Market Proxies

A recent question has piqued our interest in looking at potential companies that could act as a proxy to a whole market. These would be large-cap and stable companies that tend to follow the general trend of a market over the long term. We decided to take a look at some options over a ten year period. In order to mitigate the concentration risks that come with owning a single company, we decided to focus our energy on conglomerates that are involved in many aspects of a country’s economy.

Berkshire Hathaway (BRK.B):

 BRK

Berkshire is the often referenced market proxy for the S&P 500. The correlation tends to be closer to 0.8 and seems to diverge relatively consistently. We think we can find something better.

 E.I. du Pont de Nemours and Co. (DD):

DD
We don’t know if it can get much closer to an S&P 500 proxy than this. With a correlation of 0.92 that is quite consistent since 2008, Du Pont makes a great candidate.

Honeywell International (HON):

 HON

Don’t be fooled by the recent correlation of 0.69. Honeywell has had a correlation with the S&P that is essentially 1 since 2008 (the cursor is hovering over a 0.99 correlation in the picture).

It is interesting that Berkshire Hathaway has gained the reputation as the de facto S&P 500 when there are numerous other choices that very well may be an even better proxy. In addition, both Du Pont and Honeywell pay a dividend, where BRK.B does not. The usual caveats apply to the above where past results do not mean that they will continue in the future. The distinction between correlation (which is being used above) and the coefficient of determination should also be understood (r vs r^2).  Finally, it is worth noting that we are by no means implying one could or should own a single company in place of a diversified index. One hiccup in operations could be enough to de-rail the correlation for some time and it is very difficult to predict when or if these unexpected events will occur. The above charts are interesting nonetheless and should help to show that there is more than just Berkshire Hathaway when it comes to diversified large-cap securities that shadow U.S. equity markets.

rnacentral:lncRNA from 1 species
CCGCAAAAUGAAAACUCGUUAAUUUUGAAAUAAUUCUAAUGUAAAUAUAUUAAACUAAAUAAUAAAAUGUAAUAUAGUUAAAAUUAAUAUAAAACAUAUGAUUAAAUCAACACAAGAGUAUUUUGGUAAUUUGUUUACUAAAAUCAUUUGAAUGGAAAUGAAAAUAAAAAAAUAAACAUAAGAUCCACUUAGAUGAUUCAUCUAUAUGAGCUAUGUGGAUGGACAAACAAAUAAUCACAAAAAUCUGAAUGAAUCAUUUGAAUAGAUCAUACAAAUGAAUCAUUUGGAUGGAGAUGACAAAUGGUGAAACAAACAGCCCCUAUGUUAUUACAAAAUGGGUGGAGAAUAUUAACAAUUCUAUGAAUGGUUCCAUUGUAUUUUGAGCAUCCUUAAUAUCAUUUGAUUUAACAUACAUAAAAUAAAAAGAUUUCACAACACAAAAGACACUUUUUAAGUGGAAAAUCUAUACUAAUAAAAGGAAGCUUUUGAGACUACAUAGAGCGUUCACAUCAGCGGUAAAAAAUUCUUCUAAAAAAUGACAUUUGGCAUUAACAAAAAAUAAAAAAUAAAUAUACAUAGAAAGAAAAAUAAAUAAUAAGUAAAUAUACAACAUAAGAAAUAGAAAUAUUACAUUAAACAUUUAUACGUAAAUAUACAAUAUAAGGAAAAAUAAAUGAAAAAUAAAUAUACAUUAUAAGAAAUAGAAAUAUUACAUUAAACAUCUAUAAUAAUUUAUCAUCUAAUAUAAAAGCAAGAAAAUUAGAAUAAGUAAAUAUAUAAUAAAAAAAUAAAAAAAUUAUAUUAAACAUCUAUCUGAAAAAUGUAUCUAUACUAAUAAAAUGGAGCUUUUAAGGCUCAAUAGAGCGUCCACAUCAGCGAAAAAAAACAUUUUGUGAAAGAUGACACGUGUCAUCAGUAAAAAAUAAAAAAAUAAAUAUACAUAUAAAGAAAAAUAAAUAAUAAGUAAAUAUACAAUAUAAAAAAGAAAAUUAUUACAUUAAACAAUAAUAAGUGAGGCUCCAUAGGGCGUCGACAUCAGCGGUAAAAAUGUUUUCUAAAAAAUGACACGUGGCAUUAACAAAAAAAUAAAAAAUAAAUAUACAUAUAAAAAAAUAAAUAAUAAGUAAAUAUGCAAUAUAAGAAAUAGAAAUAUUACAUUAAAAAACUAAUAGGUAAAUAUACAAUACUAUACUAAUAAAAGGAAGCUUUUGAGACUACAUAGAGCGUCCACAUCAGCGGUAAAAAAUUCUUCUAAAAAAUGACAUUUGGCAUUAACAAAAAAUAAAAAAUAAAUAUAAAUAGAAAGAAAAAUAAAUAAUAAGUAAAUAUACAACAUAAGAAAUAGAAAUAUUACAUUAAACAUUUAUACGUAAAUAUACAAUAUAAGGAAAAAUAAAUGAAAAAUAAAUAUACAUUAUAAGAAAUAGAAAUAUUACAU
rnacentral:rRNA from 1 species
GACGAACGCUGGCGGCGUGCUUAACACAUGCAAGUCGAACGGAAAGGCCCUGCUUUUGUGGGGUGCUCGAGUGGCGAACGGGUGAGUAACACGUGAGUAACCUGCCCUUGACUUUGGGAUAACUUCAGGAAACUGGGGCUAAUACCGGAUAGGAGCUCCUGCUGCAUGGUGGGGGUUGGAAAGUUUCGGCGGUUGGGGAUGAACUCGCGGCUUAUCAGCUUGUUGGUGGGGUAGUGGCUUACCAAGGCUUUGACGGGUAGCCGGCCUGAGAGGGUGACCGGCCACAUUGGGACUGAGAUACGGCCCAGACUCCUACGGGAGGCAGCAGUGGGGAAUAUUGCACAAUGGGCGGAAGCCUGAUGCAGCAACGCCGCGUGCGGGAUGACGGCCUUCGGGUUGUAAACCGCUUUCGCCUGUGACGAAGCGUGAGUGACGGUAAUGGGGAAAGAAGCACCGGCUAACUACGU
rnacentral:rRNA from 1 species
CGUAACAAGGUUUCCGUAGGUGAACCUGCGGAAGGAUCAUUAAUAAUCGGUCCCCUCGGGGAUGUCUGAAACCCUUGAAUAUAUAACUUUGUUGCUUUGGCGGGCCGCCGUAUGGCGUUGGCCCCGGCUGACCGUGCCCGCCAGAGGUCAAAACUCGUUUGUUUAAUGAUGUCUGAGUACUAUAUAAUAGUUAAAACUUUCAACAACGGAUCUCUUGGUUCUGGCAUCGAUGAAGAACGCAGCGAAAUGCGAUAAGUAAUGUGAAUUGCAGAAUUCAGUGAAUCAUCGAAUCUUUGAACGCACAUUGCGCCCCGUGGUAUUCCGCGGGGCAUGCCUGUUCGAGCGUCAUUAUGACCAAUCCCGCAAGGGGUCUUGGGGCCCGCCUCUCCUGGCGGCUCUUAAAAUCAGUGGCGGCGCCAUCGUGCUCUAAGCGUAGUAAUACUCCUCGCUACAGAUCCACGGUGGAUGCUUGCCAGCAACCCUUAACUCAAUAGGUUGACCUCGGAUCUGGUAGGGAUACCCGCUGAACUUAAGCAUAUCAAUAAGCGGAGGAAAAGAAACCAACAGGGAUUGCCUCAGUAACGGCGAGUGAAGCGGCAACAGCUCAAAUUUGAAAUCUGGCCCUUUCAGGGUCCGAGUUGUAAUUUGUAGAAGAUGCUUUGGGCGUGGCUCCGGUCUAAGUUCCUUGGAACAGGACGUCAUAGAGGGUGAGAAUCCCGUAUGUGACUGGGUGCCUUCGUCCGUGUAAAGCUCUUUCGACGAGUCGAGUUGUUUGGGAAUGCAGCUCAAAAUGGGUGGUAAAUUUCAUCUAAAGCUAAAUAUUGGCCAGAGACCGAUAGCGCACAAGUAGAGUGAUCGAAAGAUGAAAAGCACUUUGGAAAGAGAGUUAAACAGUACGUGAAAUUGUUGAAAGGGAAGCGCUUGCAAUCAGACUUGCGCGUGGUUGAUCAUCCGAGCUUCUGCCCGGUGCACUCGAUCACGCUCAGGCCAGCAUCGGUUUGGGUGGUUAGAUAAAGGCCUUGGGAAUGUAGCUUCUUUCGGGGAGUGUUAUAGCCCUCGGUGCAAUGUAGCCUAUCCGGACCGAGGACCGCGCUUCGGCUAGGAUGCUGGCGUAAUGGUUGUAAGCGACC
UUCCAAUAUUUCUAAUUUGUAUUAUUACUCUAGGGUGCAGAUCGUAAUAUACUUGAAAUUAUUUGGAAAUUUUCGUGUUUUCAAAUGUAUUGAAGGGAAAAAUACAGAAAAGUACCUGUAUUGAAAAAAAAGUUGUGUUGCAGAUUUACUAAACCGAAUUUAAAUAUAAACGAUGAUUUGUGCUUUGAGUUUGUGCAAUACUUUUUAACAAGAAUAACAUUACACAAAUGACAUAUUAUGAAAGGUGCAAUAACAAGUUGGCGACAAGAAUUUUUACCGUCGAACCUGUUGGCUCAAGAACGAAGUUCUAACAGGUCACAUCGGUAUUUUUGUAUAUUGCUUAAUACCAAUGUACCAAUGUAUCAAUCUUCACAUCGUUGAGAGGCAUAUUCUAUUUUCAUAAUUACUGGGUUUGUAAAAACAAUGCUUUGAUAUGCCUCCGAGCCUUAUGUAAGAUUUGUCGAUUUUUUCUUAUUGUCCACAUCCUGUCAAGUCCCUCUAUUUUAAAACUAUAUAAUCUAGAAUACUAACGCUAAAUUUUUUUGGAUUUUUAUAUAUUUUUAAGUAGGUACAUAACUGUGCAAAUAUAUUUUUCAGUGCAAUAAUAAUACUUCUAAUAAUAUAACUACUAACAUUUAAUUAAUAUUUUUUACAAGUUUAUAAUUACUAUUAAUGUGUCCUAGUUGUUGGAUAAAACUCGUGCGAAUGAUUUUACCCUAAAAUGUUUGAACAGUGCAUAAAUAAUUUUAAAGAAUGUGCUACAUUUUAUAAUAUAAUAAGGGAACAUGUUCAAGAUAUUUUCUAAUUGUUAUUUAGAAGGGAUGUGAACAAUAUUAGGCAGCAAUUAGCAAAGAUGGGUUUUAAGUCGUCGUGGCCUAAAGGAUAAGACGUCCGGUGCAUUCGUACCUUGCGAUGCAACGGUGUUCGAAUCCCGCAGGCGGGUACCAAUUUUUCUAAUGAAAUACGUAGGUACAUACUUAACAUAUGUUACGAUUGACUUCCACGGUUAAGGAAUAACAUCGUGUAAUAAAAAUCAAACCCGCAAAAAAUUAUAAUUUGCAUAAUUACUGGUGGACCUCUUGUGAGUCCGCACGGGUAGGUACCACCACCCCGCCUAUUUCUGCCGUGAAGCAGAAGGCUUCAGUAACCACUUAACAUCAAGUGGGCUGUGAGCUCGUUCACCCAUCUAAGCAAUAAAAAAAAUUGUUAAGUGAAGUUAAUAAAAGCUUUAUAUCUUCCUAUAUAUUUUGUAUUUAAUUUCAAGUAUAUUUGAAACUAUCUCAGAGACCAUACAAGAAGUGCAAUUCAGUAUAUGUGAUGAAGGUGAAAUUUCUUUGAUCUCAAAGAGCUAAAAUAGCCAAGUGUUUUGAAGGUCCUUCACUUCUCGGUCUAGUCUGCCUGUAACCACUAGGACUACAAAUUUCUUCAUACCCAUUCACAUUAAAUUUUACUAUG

(Charts courtesy of Thomson Reuters Eikon Service)

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